Aurora Arctic Drone Hackathon in Finland encourages BVLOS operations

Aurora Arctic Drone

Aurora Arctic Drone hackathon at Enontekiö is the first RPAS-hackathon arranged in an arctic environment. The goal of the hackathon is to create future services by using drones in road maintenance operations. The robotisation of transportation is a global trend that attracts investments and development funds. The hackathon is built around three challenges – two with RPAS testing in arctic conditions and one aimed at new concepts for RPAS-based services (where an RPAS is not necessary needed). BVLOS flights are allowed, and encouraged, during the hackathon.

The Challenges will take place in Fell Lapland, at the municipality of Enontekiö.

Challenge 1 – Conditions of road markings

Challenge 1 is about using drones for investigating the condition of road markings (sidelines, centre lines, zebra crossings, among others) on the section of highway 93. The 3.1km long section of the highway 93, described in detail below, should be covered in one flight for this challenge.

Outcome 1: a video of the section (highway 93) from the starting point to the end indicating the distances in meters and measured along the centerline of the highway.

Outcome 2: still photos. After measurements, the jury will indicate spots where the condition of the road markings will be displayed. Challenge includes taking a still photo of those spots and to define the condition of the road markings.

The maximum length of the video is 10 minutes.


1. The accuracy of the measurement from start to end measured along the centreline of the highway,

2. Indicating the distance on the video (metres) from the starting point measured along the centreline of the highway.

3. The jury will rate the accuracy and clarity and the overall quality of the video and photos and the visual suitability to define the condition of the road markings.

Challenge 2 – Frozen culverts and ditches/height of snow banks etc.

Challenge: to measure and to film a 3.1km long section of the highway 93 in order to clarify important qualities of the highway, including positioning. The highway section should be covered in one flight for this challenge.

Techniques to be used can be chosen by the participants, including: video, infrared camera, laser scanner etc.

The features of the road that have to be clarified are:

1. the existence of the frozen culverts and ditches on the defined section of the highway 93.

2. the height of the snow banks on the road shoulder measured from the height of the centreline of the highway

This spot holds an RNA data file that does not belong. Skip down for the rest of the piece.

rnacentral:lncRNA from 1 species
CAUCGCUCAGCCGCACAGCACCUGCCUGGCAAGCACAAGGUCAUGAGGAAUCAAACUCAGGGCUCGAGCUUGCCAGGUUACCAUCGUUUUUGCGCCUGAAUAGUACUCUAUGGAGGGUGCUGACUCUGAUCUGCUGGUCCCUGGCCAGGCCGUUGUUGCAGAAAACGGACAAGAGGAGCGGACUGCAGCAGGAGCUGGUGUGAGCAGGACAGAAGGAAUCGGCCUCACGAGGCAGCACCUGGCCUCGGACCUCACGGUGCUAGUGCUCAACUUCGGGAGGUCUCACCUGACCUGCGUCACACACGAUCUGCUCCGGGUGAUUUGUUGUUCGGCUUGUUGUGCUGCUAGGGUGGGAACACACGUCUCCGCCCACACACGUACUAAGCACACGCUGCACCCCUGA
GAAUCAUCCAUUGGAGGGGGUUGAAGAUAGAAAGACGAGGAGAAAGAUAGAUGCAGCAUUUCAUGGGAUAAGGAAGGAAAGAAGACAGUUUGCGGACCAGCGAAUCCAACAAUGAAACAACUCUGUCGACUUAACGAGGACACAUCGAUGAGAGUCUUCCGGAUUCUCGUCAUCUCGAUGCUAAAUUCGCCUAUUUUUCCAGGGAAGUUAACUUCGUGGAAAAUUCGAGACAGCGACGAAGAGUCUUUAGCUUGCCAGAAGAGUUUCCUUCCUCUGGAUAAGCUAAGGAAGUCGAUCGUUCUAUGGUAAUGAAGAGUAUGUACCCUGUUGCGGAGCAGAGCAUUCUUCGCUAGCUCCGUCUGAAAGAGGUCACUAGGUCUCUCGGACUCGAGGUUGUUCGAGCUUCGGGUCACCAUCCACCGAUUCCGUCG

Outcome 1: still photos showing frozen culverts and ditches

Outcome 2: Video, still photos, presentation and other possible material. After measurements, the jury will indicate spots where the height of the snow banks will be defined. Participants also have to clarify and present how they have defined the height of the snow bank.

The maximum length of the video is 10 minutes.


• The accuracy of material (judged by the jury)

• quality of information about frozen culverts and ditches

• the accuracy and suitability of the measures defining the height of the snow banks

• linking positioning into the video and other material

• suitability and usefulness of other ideas presented by the participants

Challenge 3 – New drone concept or service

Create a service concept where road and other public infrastructure tasks are improved or developed with drones in the arctic conditions. You can use the data gathered in the challenges 1 or 2 or open road register data provided by FTA or you may not use data at all. Let your innovativeness to fly, what could make the drones to work better in the arctic conditions, or how the drones could help you to change your daily routines in an urban life. The evaluation criteria for this challenge are Suitability, Usefulness, Novelty, Readiness and the Impact.

Outcome: short presentation and demo (max 10 min)

Appreciated solutions

Although the challenges can be solved with only a suitable video camera and processing software, merit is given to demonstrations on solving the challenges employing IR or multispectral cameras, or other advanced technologies, such as Lidar. Also, take-off from and landing at the Enontekiö airfield, properly demonstrating ability to operate over long distances, is preferred to flying from the roadside.


Winter conditions


Aurora Arctic Drone hackathon takes place in Fell Lapland where the conditions are ideal for both testing and building drones and the automatization of transportation in general. Fell Lapland region is known for its extreme winter conditions, scarce population density, extensive telecommunication network and good transportation connections, academic cooperation in the Nordic area and active testing of the automobile industry. The area is located close to the border of both Sweden and Norway.